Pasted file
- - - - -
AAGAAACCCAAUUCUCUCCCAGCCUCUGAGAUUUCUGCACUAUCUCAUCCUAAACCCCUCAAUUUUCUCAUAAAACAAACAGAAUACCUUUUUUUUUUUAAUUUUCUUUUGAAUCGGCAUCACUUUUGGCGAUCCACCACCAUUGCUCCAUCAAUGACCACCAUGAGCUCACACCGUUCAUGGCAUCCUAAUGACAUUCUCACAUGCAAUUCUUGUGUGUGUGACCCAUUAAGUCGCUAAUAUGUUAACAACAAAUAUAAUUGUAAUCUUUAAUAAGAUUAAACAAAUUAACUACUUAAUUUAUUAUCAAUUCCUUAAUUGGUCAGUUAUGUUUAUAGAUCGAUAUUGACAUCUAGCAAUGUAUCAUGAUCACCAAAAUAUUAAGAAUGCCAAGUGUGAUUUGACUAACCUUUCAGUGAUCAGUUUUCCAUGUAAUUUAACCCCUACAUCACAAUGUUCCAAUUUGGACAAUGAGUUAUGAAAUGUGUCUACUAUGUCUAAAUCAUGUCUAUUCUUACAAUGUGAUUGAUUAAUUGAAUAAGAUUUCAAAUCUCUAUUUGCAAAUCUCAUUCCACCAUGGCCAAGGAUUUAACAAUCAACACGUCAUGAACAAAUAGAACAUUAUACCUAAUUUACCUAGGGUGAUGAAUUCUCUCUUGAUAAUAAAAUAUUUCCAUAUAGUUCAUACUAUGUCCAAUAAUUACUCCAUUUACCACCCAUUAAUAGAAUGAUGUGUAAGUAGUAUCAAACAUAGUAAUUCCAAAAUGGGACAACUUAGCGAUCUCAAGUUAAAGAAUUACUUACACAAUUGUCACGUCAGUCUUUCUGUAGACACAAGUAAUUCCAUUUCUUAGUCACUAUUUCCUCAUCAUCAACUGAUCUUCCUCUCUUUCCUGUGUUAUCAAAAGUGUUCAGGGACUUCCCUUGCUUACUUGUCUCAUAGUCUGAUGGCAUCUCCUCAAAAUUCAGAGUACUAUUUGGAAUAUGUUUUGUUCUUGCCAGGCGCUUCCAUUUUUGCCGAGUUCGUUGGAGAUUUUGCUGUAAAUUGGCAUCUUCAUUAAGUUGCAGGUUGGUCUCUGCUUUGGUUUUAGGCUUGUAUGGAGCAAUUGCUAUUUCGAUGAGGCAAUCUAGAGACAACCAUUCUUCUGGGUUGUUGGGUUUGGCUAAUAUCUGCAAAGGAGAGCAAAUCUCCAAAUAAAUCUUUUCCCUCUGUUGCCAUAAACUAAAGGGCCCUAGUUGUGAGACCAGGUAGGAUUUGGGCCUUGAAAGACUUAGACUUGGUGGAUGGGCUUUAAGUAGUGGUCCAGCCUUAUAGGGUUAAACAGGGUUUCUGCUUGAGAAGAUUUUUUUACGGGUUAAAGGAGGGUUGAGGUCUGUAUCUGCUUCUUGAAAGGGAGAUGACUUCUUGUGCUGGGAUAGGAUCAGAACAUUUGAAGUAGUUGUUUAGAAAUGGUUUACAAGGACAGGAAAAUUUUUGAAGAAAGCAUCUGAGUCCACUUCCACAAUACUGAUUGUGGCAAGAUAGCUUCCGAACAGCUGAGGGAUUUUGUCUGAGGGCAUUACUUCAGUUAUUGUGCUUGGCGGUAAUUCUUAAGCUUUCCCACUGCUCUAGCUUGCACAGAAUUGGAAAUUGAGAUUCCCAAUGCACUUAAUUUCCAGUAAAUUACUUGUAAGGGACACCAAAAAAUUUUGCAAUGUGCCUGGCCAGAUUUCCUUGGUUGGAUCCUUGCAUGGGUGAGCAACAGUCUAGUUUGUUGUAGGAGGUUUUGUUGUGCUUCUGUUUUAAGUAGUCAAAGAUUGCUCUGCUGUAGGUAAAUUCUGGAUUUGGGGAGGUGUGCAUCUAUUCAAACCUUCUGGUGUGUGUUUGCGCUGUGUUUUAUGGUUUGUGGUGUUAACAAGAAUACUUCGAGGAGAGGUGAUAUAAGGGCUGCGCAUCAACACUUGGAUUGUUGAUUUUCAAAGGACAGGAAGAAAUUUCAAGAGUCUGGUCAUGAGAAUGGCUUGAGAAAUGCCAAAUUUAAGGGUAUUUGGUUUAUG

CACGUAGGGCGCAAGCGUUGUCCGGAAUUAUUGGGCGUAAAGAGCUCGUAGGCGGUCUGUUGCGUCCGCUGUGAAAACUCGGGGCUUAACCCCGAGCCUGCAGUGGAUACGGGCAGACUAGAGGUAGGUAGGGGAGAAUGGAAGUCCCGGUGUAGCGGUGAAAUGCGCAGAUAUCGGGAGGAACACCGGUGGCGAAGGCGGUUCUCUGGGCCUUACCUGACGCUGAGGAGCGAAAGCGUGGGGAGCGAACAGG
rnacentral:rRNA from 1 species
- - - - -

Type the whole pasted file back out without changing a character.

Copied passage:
AAGAAACCCAAUUCUCUCCCAGCCUCUGAGAUUUCUGCACUAUCUCAUCCUAAACCCCUCAAUUUUCUCAUAAAACAAACAGAAUACCUUUUUUUUUUUAAUUUUCUUUUGAAUCGGCAUCACUUUUGGCGAUCCACCACCAUUGCUCCAUCAAUGACCACCAUGAGCUCACACCGUUCAUGGCAUCCUAAUGACAUUCUCACAUGCAAUUCUUGUGUGUGUGACCCAUUAAGUCGCUAAUAUGUUAACAACAAAUAUAAUUGUAAUCUUUAAUAAGAUUAAACAAAUUAACUACUUAAUUUAUUAUCAAUUCCUUAAUUGGUCAGUUAUGUUUAUAGAUCGAUAUUGACAUCUAGCAAUGUAUCAUGAUCACCAAAAUAUUAAGAAUGCCAAGUGUGAUUUGACUAACCUUUCAGUGAUCAGUUUUCCAUGUAAUUUAACCCCUACAUCACAAUGUUCCAAUUUGGACAAUGAGUUAUGAAAUGUGUCUACUAUGUCUAAAUCAUGUCUAUUCUUACAAUGUGAUUGAUUAAUUGAAUAAGAUUUCAAAUCUCUAUUUGCAAAUCUCAUUCCACCAUGGCCAAGGAUUUAACAAUCAACACGUCAUGAACAAAUAGAACAUUAUACCUAAUUUACCUAGGGUGAUGAAUUCUCUCUUGAUAAUAAAAUAUUUCCAUAUAGUUCAUACUAUGUCCAAUAAUUACUCCAUUUACCACCCAUUAAUAGAAUGAUGUGUAAGUAGUAUCAAACAUAGUAAUUCCAAAAUGGGACAACUUAGCGAUCUCAAGUUAAAGAAUUACUUACACAAUUGUCACGUCAGUCUUUCUGUAGACACAAGUAAUUCCAUUUCUUAGUCACUAUUUCCUCAUCAUCAACUGAUCUUCCUCUCUUUCCUGUGUUAUCAAAAGUGUUCAGGGACUUCCCUUGCUUACUUGUCUCAUAGUCUGAUGGCAUCUCCUCAAAAUUCAGAGUACUAUUUGGAAUAUGUUUUGUUCUUGCCAGGCGCUUCCAUUUUUGCCGAGUUCGUUGGAGAUUUUGCUGUAAAUUGGCAUCUUCAUUAAGUUGCAGGUUGGUCUCUGCUUUGGUUUUAGGCUUGUAUGGAGCAAUUGCUAUUUCGAUGAGGCAAUCUAGAGACAACCAUUCUUCUGGGUUGUUGGGUUUGGCUAAUAUCUGCAAAGGAGAGCAAAUCUCCAAAUAAAUCUUUUCCCUCUGUUGCCAUAAACUAAAGGGCCCUAGUUGUGAGACCAGGUAGGAUUUGGGCCUUGAAAGACUUAGACUUGGUGGAUGGGCUUUAAGUAGUGGUCCAGCCUUAUAGGGUUAAACAGGGUUUCUGCUUGAGAAGAUUUUUUUACGGGUUAAAGGAGGGUUGAGGUCUGUAUCUGCUUCUUGAAAGGGAGAUGACUUCUUGUGCUGGGAUAGGAUCAGAACAUUUGAAGUAGUUGUUUAGAAAUGGUUUACAAGGACAGGAAAAUUUUUGAAGAAAGCAUCUGAGUCCACUUCCACAAUACUGAUUGUGGCAAGAUAGCUUCCGAACAGCUGAGGGAUUUUGUCUGAGGGCAUUACUUCAGUUAUUGUGCUUGGCGGUAAUUCUUAAGCUUUCCCACUGCUCUAGCUUGCACAGAAUUGGAAAUUGAGAUUCCCAAUGCACUUAAUUUCCAGUAAAUUACUUGUAAGGGACACCAAAAAAUUUUGCAAUGUGCCUGGCCAGAUUUCCUUGGUUGGAUCCUUGCAUGGGUGAGCAACAGUCUAGUUUGUUGUAGGAGGUUUUGUUGUGCUUCUGUUUUAAGUAGUCAAAGAUUGCUCUGCUGUAGGUAAAUUCUGGAUUUGGGGAGGUGUGCAUCUAUUCAAACCUUCUGGUGUGUGUUUGCGCUGUGUUUUAUGGUUUGUGGUGUUAACAAGAAUACUUCGAGGAGAGGUGAUAUAAGGGCUGCGCAUCAACACUUGGAUUGUUGAUUUUCAAAGGACAGGAAGAAAUUUCAAGAGUCUGGUCAUGAGAAUGGCUUGAGAAAUGCCAAAUUUAAGGGUAUUUGGUUUAUG

CACGUAGGGCGCAAGCGUUGUCCGGAAUUAUUGGGCGUAAAGAGCUCGUAGGCGGUCUGUUGCGUCCGCUGUGAAAACUCGGGGCUUAACCCCGAGCCUGCAGUGGAUACGGGCAGACUAGAGGUAGGUAGGGGAGAAUGGAAGUCCCGGUGUAGCGGUGAAAUGCGCAGAUAUCGGGAGGAACACCGGUGGCGAAGGCGGUUCUCUGGGCCUUACCUGACGCUGAGGAGCGAAAGCGUGGGGAGCGAACAGG
rnacentral:rRNA from 1 species